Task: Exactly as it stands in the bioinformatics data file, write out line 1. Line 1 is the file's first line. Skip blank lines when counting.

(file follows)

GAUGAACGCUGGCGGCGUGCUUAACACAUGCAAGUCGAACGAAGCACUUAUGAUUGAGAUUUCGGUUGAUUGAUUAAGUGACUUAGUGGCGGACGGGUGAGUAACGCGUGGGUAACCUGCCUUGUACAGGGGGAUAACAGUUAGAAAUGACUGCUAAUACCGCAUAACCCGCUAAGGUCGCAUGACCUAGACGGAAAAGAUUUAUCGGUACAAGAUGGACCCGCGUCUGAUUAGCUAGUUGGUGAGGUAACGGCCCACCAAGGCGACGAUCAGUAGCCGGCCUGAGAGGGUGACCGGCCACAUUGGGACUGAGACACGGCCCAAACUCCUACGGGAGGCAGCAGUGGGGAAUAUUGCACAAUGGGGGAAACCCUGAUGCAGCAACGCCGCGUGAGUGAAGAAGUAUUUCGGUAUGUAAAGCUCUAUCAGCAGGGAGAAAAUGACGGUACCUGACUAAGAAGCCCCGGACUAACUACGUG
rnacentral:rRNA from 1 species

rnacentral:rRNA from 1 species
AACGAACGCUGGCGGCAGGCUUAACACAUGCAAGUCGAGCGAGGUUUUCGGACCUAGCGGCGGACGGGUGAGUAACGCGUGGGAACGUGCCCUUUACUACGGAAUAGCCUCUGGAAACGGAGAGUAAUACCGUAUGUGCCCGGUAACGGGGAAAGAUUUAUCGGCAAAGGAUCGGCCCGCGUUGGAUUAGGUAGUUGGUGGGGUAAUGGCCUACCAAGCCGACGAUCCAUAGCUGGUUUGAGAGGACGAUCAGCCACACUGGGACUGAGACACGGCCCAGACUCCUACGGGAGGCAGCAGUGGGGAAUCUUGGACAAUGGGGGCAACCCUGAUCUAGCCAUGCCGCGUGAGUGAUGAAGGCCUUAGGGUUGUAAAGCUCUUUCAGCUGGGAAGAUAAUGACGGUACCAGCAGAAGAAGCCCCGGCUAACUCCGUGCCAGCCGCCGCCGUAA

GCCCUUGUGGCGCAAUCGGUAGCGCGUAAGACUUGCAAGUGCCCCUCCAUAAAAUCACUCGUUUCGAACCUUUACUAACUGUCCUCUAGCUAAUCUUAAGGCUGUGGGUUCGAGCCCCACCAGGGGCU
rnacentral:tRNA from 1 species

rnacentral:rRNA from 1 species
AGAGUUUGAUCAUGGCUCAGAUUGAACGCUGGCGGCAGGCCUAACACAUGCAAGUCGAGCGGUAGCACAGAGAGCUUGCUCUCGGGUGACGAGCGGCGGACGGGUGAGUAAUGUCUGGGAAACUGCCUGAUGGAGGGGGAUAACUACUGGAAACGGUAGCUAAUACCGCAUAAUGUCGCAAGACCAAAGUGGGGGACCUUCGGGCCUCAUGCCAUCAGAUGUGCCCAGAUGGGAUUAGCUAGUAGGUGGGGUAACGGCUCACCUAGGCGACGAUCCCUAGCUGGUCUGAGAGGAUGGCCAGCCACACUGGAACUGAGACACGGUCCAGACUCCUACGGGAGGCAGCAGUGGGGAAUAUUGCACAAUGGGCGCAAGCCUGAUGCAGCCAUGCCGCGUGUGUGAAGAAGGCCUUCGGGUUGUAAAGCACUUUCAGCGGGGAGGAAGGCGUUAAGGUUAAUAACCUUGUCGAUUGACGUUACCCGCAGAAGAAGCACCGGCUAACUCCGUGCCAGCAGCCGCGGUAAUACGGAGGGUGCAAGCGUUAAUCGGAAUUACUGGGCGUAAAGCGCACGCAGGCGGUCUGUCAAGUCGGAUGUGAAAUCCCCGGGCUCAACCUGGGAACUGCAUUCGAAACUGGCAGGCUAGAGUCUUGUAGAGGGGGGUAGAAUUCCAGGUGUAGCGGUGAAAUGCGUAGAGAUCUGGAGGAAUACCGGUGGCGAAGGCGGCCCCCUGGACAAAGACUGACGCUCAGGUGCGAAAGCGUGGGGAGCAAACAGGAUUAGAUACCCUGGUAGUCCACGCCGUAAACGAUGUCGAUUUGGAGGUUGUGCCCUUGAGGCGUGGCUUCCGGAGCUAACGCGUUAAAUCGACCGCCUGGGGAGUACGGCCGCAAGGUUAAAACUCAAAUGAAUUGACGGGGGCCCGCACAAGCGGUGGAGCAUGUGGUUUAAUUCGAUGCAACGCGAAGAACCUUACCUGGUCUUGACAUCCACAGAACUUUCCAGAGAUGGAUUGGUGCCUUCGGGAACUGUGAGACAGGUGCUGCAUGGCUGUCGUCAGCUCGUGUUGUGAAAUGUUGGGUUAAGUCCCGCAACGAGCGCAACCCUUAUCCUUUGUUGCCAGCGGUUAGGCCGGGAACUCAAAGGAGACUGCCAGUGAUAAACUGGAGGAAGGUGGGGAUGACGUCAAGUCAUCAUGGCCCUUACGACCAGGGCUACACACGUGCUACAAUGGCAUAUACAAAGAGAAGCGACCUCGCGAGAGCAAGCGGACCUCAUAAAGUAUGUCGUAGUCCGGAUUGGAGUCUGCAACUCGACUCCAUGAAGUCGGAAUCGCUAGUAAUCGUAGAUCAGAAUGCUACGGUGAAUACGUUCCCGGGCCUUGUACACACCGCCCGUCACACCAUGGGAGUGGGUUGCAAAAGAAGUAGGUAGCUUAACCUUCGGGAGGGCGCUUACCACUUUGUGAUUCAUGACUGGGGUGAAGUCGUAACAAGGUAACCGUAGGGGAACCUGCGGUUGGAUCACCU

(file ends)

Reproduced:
GAUGAACGCUGGCGGCGUGCUUAACACAUGCAAGUCGAACGAAGCACUUAUGAUUGAGAUUUCGGUUGAUUGAUUAAGUGACUUAGUGGCGGACGGGUGAGUAACGCGUGGGUAACCUGCCUUGUACAGGGGGAUAACAGUUAGAAAUGACUGCUAAUACCGCAUAACCCGCUAAGGUCGCAUGACCUAGACGGAAAAGAUUUAUCGGUACAAGAUGGACCCGCGUCUGAUUAGCUAGUUGGUGAGGUAACGGCCCACCAAGGCGACGAUCAGUAGCCGGCCUGAGAGGGUGACCGGCCACAUUGGGACUGAGACACGGCCCAAACUCCUACGGGAGGCAGCAGUGGGGAAUAUUGCACAAUGGGGGAAACCCUGAUGCAGCAACGCCGCGUGAGUGAAGAAGUAUUUCGGUAUGUAAAGCUCUAUCAGCAGGGAGAAAAUGACGGUACCUGACUAAGAAGCCCCGGACUAACUACGUG